The U.S. Food and Drug Administration cleared Pfizer to market Zoloft (sertraline HCl) for the treatment of panic disorder. Zoloft also received new labeling for maintaining antidepressant efficacy for up to 52 weeks in the treatment of depression. Zoloft was introduced for the treatment of depression in 1992 and, in 1996, for obsessive-compulsive disorder. The new clearance specifies that Zoloft may be marketed for the treatment of panic disorder, with or without agoraphobia.
In clinical trials with adult patients, Zoloft demonstrated significant reduction in frequency of panic attacks without regard to age, gender or race. Patients suffering from panic disorder experience recurrent, unexpected panic attacks. The more common symptoms include heart palpitations, sensations of shortness of breath, dizziness and fear of losing control or going crazy. Panic attacks, or the fear of them, can also result in worry, concern or even dramatic behavioral and lifestyle changes.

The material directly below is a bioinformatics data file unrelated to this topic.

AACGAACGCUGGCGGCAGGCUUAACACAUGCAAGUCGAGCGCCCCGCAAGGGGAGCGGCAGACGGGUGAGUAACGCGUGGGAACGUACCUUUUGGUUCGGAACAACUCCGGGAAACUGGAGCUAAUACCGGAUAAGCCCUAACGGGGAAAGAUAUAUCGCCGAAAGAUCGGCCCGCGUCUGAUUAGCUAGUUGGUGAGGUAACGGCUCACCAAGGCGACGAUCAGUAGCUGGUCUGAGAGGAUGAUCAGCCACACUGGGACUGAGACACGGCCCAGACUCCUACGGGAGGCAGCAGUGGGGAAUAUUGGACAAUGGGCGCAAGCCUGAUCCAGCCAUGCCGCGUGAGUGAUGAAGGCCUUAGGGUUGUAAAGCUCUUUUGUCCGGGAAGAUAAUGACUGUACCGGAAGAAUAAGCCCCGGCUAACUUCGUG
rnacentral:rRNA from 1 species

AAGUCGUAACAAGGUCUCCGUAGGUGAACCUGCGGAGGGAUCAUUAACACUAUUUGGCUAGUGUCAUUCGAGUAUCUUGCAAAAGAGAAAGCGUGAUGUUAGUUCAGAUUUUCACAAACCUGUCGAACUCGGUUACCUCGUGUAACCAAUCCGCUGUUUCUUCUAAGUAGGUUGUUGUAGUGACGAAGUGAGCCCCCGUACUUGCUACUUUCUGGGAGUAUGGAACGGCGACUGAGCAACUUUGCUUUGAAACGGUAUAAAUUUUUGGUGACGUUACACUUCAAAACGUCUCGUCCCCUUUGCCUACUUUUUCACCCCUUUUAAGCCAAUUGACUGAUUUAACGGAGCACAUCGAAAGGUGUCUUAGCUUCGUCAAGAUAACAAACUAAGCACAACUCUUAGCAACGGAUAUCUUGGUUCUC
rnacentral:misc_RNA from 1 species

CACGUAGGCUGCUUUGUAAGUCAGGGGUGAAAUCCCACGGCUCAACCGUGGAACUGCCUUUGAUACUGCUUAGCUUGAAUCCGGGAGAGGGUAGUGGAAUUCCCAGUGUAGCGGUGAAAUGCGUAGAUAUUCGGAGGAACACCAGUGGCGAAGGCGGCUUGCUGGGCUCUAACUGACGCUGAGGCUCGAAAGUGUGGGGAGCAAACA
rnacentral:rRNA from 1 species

The most common side effects were diarrhea, ejaculation failure, tremor, constipation, agitation, increased sweating, anorexia, and decreased libido.
Panic disorders is a disease which will afflict an estimated four to eight million American adults at some point in their lives. Agoraphobia is an incapacitating anxiety that can restrict people to their homes. Panic disorder is two to three times more prevalent among women. Onset occurs between late adolescence and the mid-30s.